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China is starting to have too many enemies




The UK’s decision to exclude the Chinese company Huawei from the list of technology suppliers for the new 5g network has given China a blow. Until recently, Beijing hoped that the British would confirm the initial decision to entrust Huawei with the supply of non-essential parts for the new mobile telecommunications networks, but two recent developments have made it unsustainable.The first is the escalation of the war waged by the United States against Huawei.

In May, Washington banned suppliers of US technology from selling semiconductors to the Chinese company. Given that US technology widely used to manufacture advanced semiconductors, which are essential for Huawei’s products, the Chinese giant will remain cut off from supplies.

That will make it almost impossible for them to make components for 5g.A more dangerous prospect for the British than any potential Chinese espionage. No responsible government can afford to take the risk of losing a key supplier.

That means that Huawei had the days counted from the moment Washington pulled the trigger in May. It was all about figuring out when British Prime Minister Boris Johnson was going to give the bad news to Chinese President Xi Jinping.

The second development, which has made it politically easier for Johnson to decide on Huawei, is China’s imposition of the new national security law in Hong Kong. The measure, approved by the Chinese parliament on June 30, put an end to the autonomy of the former British colony. From a London point of view, it is a violation of the 1984 Sino-British Joint Declaration, in which Beijing promised to protect Hong Kong’s legal system and civil liberties until 2047.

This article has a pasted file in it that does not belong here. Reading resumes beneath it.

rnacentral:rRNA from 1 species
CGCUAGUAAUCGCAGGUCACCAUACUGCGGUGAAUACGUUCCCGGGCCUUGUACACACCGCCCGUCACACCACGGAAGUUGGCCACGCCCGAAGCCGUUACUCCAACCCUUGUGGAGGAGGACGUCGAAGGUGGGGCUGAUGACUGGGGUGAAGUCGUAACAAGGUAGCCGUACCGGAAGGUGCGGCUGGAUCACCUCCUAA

Perhaps Chinese leaders thought that the United Kingdom was too weak to react. They were wrong. London has decided to take a position in the case of Hong Kong, and Huawei is an easy target.

At this point, China may react, and it has the means to do it. It could affect British companies doing business in its territory like the British banking giant HSBC, for example, given that its operations in Hong Kong represent half of its profits. Beijing could also cancel its financial transactions on the London stock exchange and reduce the number of Chinese students to whom it is possible to attend British universities.

The truth is that these reprisals could eventually prove counterproductive. Removing the HSBC from Hong Kong would deprive the city of its role as a global center of finance, because China would not be able to find another bank capable of replacing the British one. Considering the tension between the United States and China, it is difficult for Beijing to accept institutions like Citibank or JPMorgan Chase as successors of the HSBC.

Likewise, restrictions on universities would harm China. Currently, around 120,000 Chinese are studying in the UK, and there are not many viable alternatives for them. The United States assesses the possibility of limiting access to Chinese students justifying it with the risks for national security.

Beijing has already threatened Australia to curb the flow of tourists and students. 140,000 Chinese students are in Candian universities, which have a limited capacity. Considering the diplomatic stalemate between Ottawa and Beijing after Canada authorized the extradition to the United States of Huawei’s financial director Meng Wanzhou, it is difficult for China to send other students over there.


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